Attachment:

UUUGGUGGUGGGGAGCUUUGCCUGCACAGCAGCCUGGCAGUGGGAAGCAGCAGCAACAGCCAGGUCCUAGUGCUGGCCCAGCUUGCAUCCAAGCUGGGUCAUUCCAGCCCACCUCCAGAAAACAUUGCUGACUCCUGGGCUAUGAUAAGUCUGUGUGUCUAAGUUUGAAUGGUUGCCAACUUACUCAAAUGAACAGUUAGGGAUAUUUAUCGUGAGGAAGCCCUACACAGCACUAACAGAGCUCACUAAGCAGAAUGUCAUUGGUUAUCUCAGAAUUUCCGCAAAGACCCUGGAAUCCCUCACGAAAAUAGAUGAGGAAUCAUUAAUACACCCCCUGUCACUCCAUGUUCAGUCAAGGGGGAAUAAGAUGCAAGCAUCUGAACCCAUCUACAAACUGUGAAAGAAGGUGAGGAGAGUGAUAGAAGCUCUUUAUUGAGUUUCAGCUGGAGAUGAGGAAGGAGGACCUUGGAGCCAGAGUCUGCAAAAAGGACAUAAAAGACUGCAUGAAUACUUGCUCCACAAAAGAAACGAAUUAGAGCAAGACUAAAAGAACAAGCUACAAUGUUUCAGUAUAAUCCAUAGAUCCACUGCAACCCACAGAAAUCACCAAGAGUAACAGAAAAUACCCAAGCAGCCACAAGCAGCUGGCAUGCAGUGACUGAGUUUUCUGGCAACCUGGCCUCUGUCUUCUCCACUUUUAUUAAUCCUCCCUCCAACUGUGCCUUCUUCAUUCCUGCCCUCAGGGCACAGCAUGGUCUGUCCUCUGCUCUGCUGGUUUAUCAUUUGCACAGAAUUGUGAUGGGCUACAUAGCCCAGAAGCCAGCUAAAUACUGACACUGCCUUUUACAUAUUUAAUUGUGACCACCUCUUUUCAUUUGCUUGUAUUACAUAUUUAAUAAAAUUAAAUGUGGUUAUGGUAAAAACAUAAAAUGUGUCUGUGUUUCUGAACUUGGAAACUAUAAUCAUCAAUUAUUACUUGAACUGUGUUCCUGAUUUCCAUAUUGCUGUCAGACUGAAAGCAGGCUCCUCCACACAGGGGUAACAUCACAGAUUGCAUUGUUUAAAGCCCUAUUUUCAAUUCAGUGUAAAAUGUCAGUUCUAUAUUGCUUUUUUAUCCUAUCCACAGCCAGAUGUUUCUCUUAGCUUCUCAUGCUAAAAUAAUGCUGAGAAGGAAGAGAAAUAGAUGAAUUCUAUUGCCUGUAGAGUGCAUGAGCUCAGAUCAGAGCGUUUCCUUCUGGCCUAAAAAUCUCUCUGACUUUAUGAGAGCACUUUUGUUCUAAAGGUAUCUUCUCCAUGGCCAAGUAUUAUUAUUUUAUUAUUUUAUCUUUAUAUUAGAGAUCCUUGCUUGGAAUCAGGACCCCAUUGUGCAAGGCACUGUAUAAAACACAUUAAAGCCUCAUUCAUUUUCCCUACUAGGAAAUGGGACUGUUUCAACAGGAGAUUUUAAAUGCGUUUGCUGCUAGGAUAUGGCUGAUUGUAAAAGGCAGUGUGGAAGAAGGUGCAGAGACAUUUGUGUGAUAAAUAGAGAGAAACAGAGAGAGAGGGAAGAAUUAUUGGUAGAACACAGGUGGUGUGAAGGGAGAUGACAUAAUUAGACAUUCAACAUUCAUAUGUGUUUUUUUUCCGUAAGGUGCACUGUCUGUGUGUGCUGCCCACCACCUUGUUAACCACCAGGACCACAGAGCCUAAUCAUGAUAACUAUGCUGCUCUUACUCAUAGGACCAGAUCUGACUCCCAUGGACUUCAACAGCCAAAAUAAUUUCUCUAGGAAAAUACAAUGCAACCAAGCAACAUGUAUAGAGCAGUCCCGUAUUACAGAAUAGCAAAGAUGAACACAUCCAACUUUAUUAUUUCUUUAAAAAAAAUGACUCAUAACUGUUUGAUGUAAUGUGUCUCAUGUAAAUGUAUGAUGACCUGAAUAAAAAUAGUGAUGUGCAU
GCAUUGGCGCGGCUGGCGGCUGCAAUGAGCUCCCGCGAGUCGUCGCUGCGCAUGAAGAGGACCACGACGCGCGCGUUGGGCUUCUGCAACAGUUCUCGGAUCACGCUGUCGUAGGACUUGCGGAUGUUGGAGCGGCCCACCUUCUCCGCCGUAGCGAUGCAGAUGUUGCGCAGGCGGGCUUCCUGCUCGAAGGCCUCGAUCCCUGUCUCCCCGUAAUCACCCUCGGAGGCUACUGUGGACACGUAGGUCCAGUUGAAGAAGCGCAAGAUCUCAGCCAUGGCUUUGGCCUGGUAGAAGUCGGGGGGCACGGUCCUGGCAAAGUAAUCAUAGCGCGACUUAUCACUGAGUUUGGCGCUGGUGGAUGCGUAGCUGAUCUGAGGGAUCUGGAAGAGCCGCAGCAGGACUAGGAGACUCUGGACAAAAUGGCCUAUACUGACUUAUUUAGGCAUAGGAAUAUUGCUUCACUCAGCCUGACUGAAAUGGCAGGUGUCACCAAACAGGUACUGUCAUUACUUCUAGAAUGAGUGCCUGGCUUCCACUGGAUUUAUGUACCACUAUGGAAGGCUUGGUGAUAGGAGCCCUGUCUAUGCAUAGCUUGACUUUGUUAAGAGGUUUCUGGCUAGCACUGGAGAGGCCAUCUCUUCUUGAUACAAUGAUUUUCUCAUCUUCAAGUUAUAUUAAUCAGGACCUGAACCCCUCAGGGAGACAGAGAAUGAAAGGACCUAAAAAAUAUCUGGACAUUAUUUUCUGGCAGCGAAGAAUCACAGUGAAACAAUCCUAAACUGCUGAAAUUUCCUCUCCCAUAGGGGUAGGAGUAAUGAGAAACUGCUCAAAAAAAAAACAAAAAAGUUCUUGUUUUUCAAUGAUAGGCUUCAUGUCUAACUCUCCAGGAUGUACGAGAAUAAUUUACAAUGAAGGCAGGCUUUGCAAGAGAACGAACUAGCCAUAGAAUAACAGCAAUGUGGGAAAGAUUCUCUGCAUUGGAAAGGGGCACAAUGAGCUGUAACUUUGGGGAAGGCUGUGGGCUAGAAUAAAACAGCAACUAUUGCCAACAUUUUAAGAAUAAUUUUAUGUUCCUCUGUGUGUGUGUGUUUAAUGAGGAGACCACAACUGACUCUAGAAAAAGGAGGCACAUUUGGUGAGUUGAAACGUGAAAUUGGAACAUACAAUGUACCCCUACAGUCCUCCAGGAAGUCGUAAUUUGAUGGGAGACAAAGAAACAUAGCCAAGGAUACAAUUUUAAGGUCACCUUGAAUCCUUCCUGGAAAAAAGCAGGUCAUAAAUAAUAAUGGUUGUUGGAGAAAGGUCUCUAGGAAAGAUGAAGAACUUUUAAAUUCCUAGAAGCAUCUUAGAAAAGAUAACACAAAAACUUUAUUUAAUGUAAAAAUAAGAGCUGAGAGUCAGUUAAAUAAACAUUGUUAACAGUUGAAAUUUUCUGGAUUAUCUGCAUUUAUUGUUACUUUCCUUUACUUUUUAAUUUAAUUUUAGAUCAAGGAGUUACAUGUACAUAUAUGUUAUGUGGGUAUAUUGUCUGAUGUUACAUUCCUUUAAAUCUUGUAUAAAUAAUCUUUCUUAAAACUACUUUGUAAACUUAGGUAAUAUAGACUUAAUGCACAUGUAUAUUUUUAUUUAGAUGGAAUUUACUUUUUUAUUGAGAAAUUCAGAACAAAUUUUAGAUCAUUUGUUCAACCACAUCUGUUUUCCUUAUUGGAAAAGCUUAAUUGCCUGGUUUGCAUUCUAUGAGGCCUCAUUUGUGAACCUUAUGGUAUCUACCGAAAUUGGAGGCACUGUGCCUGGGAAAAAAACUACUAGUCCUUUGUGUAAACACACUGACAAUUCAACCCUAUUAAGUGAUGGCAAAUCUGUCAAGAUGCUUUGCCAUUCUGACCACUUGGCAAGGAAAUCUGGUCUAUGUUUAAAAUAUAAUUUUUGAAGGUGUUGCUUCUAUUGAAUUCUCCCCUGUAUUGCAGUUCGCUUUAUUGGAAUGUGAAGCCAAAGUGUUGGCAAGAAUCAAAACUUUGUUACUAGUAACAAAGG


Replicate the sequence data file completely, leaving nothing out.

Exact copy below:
UUUGGUGGUGGGGAGCUUUGCCUGCACAGCAGCCUGGCAGUGGGAAGCAGCAGCAACAGCCAGGUCCUAGUGCUGGCCCAGCUUGCAUCCAAGCUGGGUCAUUCCAGCCCACCUCCAGAAAACAUUGCUGACUCCUGGGCUAUGAUAAGUCUGUGUGUCUAAGUUUGAAUGGUUGCCAACUUACUCAAAUGAACAGUUAGGGAUAUUUAUCGUGAGGAAGCCCUACACAGCACUAACAGAGCUCACUAAGCAGAAUGUCAUUGGUUAUCUCAGAAUUUCCGCAAAGACCCUGGAAUCCCUCACGAAAAUAGAUGAGGAAUCAUUAAUACACCCCCUGUCACUCCAUGUUCAGUCAAGGGGGAAUAAGAUGCAAGCAUCUGAACCCAUCUACAAACUGUGAAAGAAGGUGAGGAGAGUGAUAGAAGCUCUUUAUUGAGUUUCAGCUGGAGAUGAGGAAGGAGGACCUUGGAGCCAGAGUCUGCAAAAAGGACAUAAAAGACUGCAUGAAUACUUGCUCCACAAAAGAAACGAAUUAGAGCAAGACUAAAAGAACAAGCUACAAUGUUUCAGUAUAAUCCAUAGAUCCACUGCAACCCACAGAAAUCACCAAGAGUAACAGAAAAUACCCAAGCAGCCACAAGCAGCUGGCAUGCAGUGACUGAGUUUUCUGGCAACCUGGCCUCUGUCUUCUCCACUUUUAUUAAUCCUCCCUCCAACUGUGCCUUCUUCAUUCCUGCCCUCAGGGCACAGCAUGGUCUGUCCUCUGCUCUGCUGGUUUAUCAUUUGCACAGAAUUGUGAUGGGCUACAUAGCCCAGAAGCCAGCUAAAUACUGACACUGCCUUUUACAUAUUUAAUUGUGACCACCUCUUUUCAUUUGCUUGUAUUACAUAUUUAAUAAAAUUAAAUGUGGUUAUGGUAAAAACAUAAAAUGUGUCUGUGUUUCUGAACUUGGAAACUAUAAUCAUCAAUUAUUACUUGAACUGUGUUCCUGAUUUCCAUAUUGCUGUCAGACUGAAAGCAGGCUCCUCCACACAGGGGUAACAUCACAGAUUGCAUUGUUUAAAGCCCUAUUUUCAAUUCAGUGUAAAAUGUCAGUUCUAUAUUGCUUUUUUAUCCUAUCCACAGCCAGAUGUUUCUCUUAGCUUCUCAUGCUAAAAUAAUGCUGAGAAGGAAGAGAAAUAGAUGAAUUCUAUUGCCUGUAGAGUGCAUGAGCUCAGAUCAGAGCGUUUCCUUCUGGCCUAAAAAUCUCUCUGACUUUAUGAGAGCACUUUUGUUCUAAAGGUAUCUUCUCCAUGGCCAAGUAUUAUUAUUUUAUUAUUUUAUCUUUAUAUUAGAGAUCCUUGCUUGGAAUCAGGACCCCAUUGUGCAAGGCACUGUAUAAAACACAUUAAAGCCUCAUUCAUUUUCCCUACUAGGAAAUGGGACUGUUUCAACAGGAGAUUUUAAAUGCGUUUGCUGCUAGGAUAUGGCUGAUUGUAAAAGGCAGUGUGGAAGAAGGUGCAGAGACAUUUGUGUGAUAAAUAGAGAGAAACAGAGAGAGAGGGAAGAAUUAUUGGUAGAACACAGGUGGUGUGAAGGGAGAUGACAUAAUUAGACAUUCAACAUUCAUAUGUGUUUUUUUUCCGUAAGGUGCACUGUCUGUGUGUGCUGCCCACCACCUUGUUAACCACCAGGACCACAGAGCCUAAUCAUGAUAACUAUGCUGCUCUUACUCAUAGGACCAGAUCUGACUCCCAUGGACUUCAACAGCCAAAAUAAUUUCUCUAGGAAAAUACAAUGCAACCAAGCAACAUGUAUAGAGCAGUCCCGUAUUACAGAAUAGCAAAGAUGAACACAUCCAACUUUAUUAUUUCUUUAAAAAAAAUGACUCAUAACUGUUUGAUGUAAUGUGUCUCAUGUAAAUGUAUGAUGACCUGAAUAAAAAUAGUGAUGUGCAU
GCAUUGGCGCGGCUGGCGGCUGCAAUGAGCUCCCGCGAGUCGUCGCUGCGCAUGAAGAGGACCACGACGCGCGCGUUGGGCUUCUGCAACAGUUCUCGGAUCACGCUGUCGUAGGACUUGCGGAUGUUGGAGCGGCCCACCUUCUCCGCCGUAGCGAUGCAGAUGUUGCGCAGGCGGGCUUCCUGCUCGAAGGCCUCGAUCCCUGUCUCCCCGUAAUCACCCUCGGAGGCUACUGUGGACACGUAGGUCCAGUUGAAGAAGCGCAAGAUCUCAGCCAUGGCUUUGGCCUGGUAGAAGUCGGGGGGCACGGUCCUGGCAAAGUAAUCAUAGCGCGACUUAUCACUGAGUUUGGCGCUGGUGGAUGCGUAGCUGAUCUGAGGGAUCUGGAAGAGCCGCAGCAGGACUAGGAGACUCUGGACAAAAUGGCCUAUACUGACUUAUUUAGGCAUAGGAAUAUUGCUUCACUCAGCCUGACUGAAAUGGCAGGUGUCACCAAACAGGUACUGUCAUUACUUCUAGAAUGAGUGCCUGGCUUCCACUGGAUUUAUGUACCACUAUGGAAGGCUUGGUGAUAGGAGCCCUGUCUAUGCAUAGCUUGACUUUGUUAAGAGGUUUCUGGCUAGCACUGGAGAGGCCAUCUCUUCUUGAUACAAUGAUUUUCUCAUCUUCAAGUUAUAUUAAUCAGGACCUGAACCCCUCAGGGAGACAGAGAAUGAAAGGACCUAAAAAAUAUCUGGACAUUAUUUUCUGGCAGCGAAGAAUCACAGUGAAACAAUCCUAAACUGCUGAAAUUUCCUCUCCCAUAGGGGUAGGAGUAAUGAGAAACUGCUCAAAAAAAAAACAAAAAAGUUCUUGUUUUUCAAUGAUAGGCUUCAUGUCUAACUCUCCAGGAUGUACGAGAAUAAUUUACAAUGAAGGCAGGCUUUGCAAGAGAACGAACUAGCCAUAGAAUAACAGCAAUGUGGGAAAGAUUCUCUGCAUUGGAAAGGGGCACAAUGAGCUGUAACUUUGGGGAAGGCUGUGGGCUAGAAUAAAACAGCAACUAUUGCCAACAUUUUAAGAAUAAUUUUAUGUUCCUCUGUGUGUGUGUGUUUAAUGAGGAGACCACAACUGACUCUAGAAAAAGGAGGCACAUUUGGUGAGUUGAAACGUGAAAUUGGAACAUACAAUGUACCCCUACAGUCCUCCAGGAAGUCGUAAUUUGAUGGGAGACAAAGAAACAUAGCCAAGGAUACAAUUUUAAGGUCACCUUGAAUCCUUCCUGGAAAAAAGCAGGUCAUAAAUAAUAAUGGUUGUUGGAGAAAGGUCUCUAGGAAAGAUGAAGAACUUUUAAAUUCCUAGAAGCAUCUUAGAAAAGAUAACACAAAAACUUUAUUUAAUGUAAAAAUAAGAGCUGAGAGUCAGUUAAAUAAACAUUGUUAACAGUUGAAAUUUUCUGGAUUAUCUGCAUUUAUUGUUACUUUCCUUUACUUUUUAAUUUAAUUUUAGAUCAAGGAGUUACAUGUACAUAUAUGUUAUGUGGGUAUAUUGUCUGAUGUUACAUUCCUUUAAAUCUUGUAUAAAUAAUCUUUCUUAAAACUACUUUGUAAACUUAGGUAAUAUAGACUUAAUGCACAUGUAUAUUUUUAUUUAGAUGGAAUUUACUUUUUUAUUGAGAAAUUCAGAACAAAUUUUAGAUCAUUUGUUCAACCACAUCUGUUUUCCUUAUUGGAAAAGCUUAAUUGCCUGGUUUGCAUUCUAUGAGGCCUCAUUUGUGAACCUUAUGGUAUCUACCGAAAUUGGAGGCACUGUGCCUGGGAAAAAAACUACUAGUCCUUUGUGUAAACACACUGACAAUUCAACCCUAUUAAGUGAUGGCAAAUCUGUCAAGAUGCUUUGCCAUUCUGACCACUUGGCAAGGAAAUCUGGUCUAUGUUUAAAAUAUAAUUUUUGAAGGUGUUGCUUCUAUUGAAUUCUCCCCUGUAUUGCAGUUCGCUUUAUUGGAAUGUGAAGCCAAAGUGUUGGCAAGAAUCAAAACUUUGUUACUAGUAACAAAGG